Jo’Ann Duke’s final moments were marked by excruciating pain, trapped in the aftermath of a car crash caused by another driver’s reckless choice to speed onto the wrong side of the road. This tragedy unfolded on November 13, 2019, as Jo’Ann, a mother-of-three, was returning home after a shift at a local hospital in Sydney’s north, never reaching her destination. Sadly, Jo’Ann became one of over 5,800 individuals who lost their lives on Australian roads in the past five years.

In the wreckage, Jo’Ann’s husband, Mick Duke, vividly recalls the devastation, sharing that she endured extreme pain for 35 minutes while medical professionals did their utmost to save her. Despite their efforts, Jo’Ann did not survive, leaving Mick to grapple with the shattering impact of the loss. He reflects, “My world fell apart from that moment.”

While the annual road toll in Australia decreased during the COVID-19 pandemic, 2023 has witnessed an unexpected surge in fatalities, particularly in New South Wales, Victoria, and South Australia. Vehicle crashes stand as the leading cause of death for Australian children and the second-highest for those aged 15-24.

With over 1,250 lives already lost in crashes this year, it marks the highest toll since 2016. Concerns are heightened as the New Year’s weekend approaches, expected to be a peak period for road activity.

The reasons behind this sudden increase remain unclear, prompting calls for action from both governments and the public. The Road Trauma Support Group NSW initiated a campaign urging a shift in language, discouraging the use of the term “accident” to describe crashes. Duncan Wakes-Miller, the group’s founder, argues that the term implies inevitability and absolves dangerous drivers of blame. Instead, they propose using the term “crash,” which doesn’t assume innocence or guilt.

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Jo’Ann Duke’s family actively supports this linguistic shift, expressing dissatisfaction with the less-than-two-and-a-half-year sentence given to the speeding driver responsible for Jo’Ann’s death. They argue that using the term “accident” downplays the severity of the incident and shields the offender from accountability.

The Australian Road Safety Foundation deems the increase in road deaths in 2023 as “disturbing.” Russell White, the foundation’s CEO, emphasizes the need for increased police presence in highway patrol and random breath testing to deter reckless driving. He calls for a national approach, urging the federal government to play a more active role in implementing strategies to reduce the road toll. White underscores the importance of early and continuous road safety education, highlighting road trauma as the leading cause of death for young Australians.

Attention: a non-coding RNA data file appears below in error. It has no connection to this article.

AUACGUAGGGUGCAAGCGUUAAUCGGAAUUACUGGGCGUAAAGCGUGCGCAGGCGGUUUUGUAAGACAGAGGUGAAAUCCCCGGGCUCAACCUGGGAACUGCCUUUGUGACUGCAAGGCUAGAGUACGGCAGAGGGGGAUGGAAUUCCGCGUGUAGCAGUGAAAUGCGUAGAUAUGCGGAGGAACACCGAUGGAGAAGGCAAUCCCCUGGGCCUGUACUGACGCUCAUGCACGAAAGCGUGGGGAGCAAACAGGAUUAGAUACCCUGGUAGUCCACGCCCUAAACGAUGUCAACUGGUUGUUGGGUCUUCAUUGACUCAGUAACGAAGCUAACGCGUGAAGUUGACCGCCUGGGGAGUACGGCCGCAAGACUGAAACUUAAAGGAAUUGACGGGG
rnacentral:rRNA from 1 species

Road Safety Funding Boost

A recent injection of $168 million in road safety funding is poised to save lives by enhancing the conditions of regional and urban roads, footpaths, and cycleways. As the road toll continues to rise, with 109 fatalities on South Australian roads this year alone, the Malinauskas Government has increased its financial commitment to match the Commonwealth’s $84 million pledge under the Road Safety Program. This joint funding, disclosed in the Mid-Year Budget Review, supplements the $98 million allocated in the 2023-24 State Budget, resulting in a combined total of $266 million over the next five years. The primary objective is to mitigate injuries and fatalities on South Australian roads.

This substantial investment encompasses various regional projects such as shoulder sealing, audio-tactile line markings, delineation, roadside barriers, lane/curve widening, and pavement works. The aim is to elevate the safety rating of regional roads where improvements are undertaken to at least a 3-star level. The specific projects and locations are currently in development and will be determined throughout 2024.

With approximately half of this year’s road fatalities occurring in regional areas, the new Road Safety Program also allocates funds for infrastructure enhancements that prioritize the safety of pedestrians and cyclists. This includes new crossings, safety upgrades at existing intersections, and improvements to strategic bikeways. Priority will be given to upgrading crossings to ensure the safety of individuals walking and cycling to school.

In response to this initiative, notable figures such as Stephen Mullighan, Geoff Brock, and Joe Szakacs express their support for the collaboration between state and federal governments in improving road safety. They emphasize the critical need to enhance regional road networks, make journeys safer, and address the challenges posed by a tragic year of fatalities. Federal Assistant Minister for Infrastructure and Transport Carol Brown also acknowledges the shared responsibility in working towards the Vision Zero target, aiming for zero deaths and serious injuries on roads by 2050.

Charles Mountain, RAA Senior Manager Safety & Infrastructure, welcomes the additional $168 million investment, emphasizing its positive impact on road safety, particularly in regional areas and for vulnerable road users. The commitment to prioritizing projects that protect cyclists, pedestrians, and school children aligns with the broader goal of creating safer roads and preventing injuries, especially in light of the challenging year experienced on South Australian roads.




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